University of Washington School of Public Health
Meeting People in Need Where They Are
What causes someone to live on the streets?
Consider a story about one man who was unable to work because he had severe arthritis in both hips. The man couldn’t pay rent and had nowhere to go. A hip replacement would have put him back to work, but the surgeon would only operate if the man had a place where he could recover.
“He was caught in a terrible catch-22,” says Sara Marquis, an MPH student in the Department of Health Services, “unable to afford housing due to an illness beyond his control and unable to receive treatment due to his lack of stable housing.”
The lesson is that a few unfortunate circumstances can make or keep someone homeless, says Marquis, who works with University District Street Medicine. Other SPH students gained similar insights this winter when nearly 60 homeless individuals moved to campus as part of Tent City 3. Several students, including Marquis, learned to engage tent city residents around their health care needs in UW’s first course on homelessness. Through UW Medicine’s MEDEX Northwest, students explored factors such as domestic violence, mental health, drug use and debt.
“Medical debt of $150 was enough to create housing instability and ruin credit scores for some,” says Jessica Bielenberg, an MPH student researching homelessness and medical debt for her thesis. She collaborated with Tent City 3 and Nickelsville residents to design a survey and gather stories about financial hardship and health care.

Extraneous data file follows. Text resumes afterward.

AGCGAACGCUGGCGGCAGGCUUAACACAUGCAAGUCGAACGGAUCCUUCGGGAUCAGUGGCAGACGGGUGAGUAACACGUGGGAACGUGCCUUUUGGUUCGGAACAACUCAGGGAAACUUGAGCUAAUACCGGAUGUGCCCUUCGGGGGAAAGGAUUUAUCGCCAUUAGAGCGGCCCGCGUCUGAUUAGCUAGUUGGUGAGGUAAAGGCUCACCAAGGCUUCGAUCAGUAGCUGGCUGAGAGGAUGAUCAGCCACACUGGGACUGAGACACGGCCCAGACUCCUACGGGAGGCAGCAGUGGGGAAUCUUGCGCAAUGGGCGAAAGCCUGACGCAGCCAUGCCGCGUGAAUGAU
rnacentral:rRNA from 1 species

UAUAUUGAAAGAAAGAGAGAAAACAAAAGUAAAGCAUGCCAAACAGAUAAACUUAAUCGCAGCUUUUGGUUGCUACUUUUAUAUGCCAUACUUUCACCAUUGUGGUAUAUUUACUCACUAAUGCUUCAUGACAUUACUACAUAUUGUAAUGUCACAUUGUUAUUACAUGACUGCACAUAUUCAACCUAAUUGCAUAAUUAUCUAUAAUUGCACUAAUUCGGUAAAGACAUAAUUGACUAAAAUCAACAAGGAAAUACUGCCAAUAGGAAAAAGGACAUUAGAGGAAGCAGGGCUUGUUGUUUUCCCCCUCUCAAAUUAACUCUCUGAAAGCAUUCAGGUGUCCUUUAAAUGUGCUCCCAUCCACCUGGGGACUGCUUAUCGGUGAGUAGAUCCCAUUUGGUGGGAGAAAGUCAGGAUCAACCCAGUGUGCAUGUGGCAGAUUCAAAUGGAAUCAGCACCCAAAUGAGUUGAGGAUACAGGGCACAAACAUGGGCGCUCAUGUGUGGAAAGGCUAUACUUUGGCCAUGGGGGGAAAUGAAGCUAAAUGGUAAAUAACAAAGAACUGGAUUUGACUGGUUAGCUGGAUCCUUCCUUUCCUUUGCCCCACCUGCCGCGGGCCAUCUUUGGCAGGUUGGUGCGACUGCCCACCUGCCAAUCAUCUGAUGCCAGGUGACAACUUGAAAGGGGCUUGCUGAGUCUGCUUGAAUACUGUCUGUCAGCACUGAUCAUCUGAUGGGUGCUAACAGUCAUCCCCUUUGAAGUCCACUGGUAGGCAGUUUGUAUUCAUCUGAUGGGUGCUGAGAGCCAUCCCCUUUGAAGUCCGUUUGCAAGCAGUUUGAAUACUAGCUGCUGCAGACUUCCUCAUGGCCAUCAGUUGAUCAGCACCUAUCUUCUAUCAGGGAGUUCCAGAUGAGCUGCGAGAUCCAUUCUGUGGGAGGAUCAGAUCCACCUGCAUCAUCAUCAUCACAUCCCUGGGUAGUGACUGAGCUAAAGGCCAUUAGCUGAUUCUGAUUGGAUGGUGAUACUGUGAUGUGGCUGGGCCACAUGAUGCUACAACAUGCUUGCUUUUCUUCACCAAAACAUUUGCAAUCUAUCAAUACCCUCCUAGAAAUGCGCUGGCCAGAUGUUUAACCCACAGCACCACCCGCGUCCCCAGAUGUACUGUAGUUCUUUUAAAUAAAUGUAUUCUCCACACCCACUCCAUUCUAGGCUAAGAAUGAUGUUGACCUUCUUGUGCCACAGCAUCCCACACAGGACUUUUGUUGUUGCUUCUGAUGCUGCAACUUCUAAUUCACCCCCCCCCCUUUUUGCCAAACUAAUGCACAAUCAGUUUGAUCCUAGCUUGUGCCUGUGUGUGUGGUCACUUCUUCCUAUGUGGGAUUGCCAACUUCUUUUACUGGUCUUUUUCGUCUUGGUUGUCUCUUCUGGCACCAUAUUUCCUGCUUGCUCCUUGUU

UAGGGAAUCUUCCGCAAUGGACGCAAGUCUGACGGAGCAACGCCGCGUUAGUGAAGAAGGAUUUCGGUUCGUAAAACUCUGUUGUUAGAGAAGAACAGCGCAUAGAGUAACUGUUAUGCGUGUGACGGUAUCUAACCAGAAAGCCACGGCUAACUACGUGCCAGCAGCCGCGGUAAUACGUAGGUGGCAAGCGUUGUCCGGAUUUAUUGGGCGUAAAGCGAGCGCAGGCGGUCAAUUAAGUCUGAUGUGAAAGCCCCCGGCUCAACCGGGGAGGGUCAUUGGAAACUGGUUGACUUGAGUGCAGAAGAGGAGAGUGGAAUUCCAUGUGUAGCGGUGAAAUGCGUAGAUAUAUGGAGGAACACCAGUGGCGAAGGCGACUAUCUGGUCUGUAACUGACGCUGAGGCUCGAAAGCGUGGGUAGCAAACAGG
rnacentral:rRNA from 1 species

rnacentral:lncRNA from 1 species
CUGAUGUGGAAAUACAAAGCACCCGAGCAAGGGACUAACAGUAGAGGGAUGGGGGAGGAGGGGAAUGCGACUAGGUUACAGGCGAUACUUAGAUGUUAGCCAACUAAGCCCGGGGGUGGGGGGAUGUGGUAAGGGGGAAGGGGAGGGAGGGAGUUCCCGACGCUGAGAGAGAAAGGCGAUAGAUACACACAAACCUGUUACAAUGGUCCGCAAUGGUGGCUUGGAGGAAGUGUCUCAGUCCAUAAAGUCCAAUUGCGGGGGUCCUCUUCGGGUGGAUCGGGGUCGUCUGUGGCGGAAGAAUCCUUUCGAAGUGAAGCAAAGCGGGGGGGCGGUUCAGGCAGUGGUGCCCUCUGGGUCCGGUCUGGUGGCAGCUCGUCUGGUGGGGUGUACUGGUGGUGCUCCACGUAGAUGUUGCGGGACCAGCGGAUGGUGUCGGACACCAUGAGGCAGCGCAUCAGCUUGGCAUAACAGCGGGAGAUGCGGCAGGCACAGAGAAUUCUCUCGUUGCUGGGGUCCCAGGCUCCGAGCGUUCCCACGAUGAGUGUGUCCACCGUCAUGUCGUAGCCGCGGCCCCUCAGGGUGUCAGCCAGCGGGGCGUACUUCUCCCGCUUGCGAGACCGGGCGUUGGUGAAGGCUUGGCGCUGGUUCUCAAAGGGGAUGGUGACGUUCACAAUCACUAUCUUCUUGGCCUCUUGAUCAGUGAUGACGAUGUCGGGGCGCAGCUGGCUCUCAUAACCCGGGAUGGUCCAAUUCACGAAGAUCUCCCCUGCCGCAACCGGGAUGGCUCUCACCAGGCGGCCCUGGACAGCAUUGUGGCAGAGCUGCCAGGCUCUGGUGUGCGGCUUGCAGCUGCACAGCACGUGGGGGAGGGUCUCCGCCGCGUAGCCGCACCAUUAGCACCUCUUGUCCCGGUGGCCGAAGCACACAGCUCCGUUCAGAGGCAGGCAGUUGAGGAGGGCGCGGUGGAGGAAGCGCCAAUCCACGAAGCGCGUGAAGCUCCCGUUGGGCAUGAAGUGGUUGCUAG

“I was nervous,” Bielenberg says. “But I was able to build relationships and listen, and engage them to be part of the solution.”
Bielenberg and eight other students from the Community-Oriented Public Health Practice (COPHP) program took the same approach while conducting the UW’s formal evaluation of Tent City 3. As part of a course on program evaluation taught by COPHP Director Amy Hagopian, students assessed questionnaires, held focus groups and conducted interviews to evaluate whether the tent city achieved its goals.
Students found that 90 percent of residents were satisfied with their stay and all felt safe. Most in the UW community viewed the stay as positive and 61 percent of students, faculty and staff said the UW should host again.
“Homelessness is a serious public health issue,” says MPH student Hena Parveen, who was part of the evaluation team. “I wasn’t able to relate to homelessness until I worked on this project. It’s a step to start meeting them where they are.”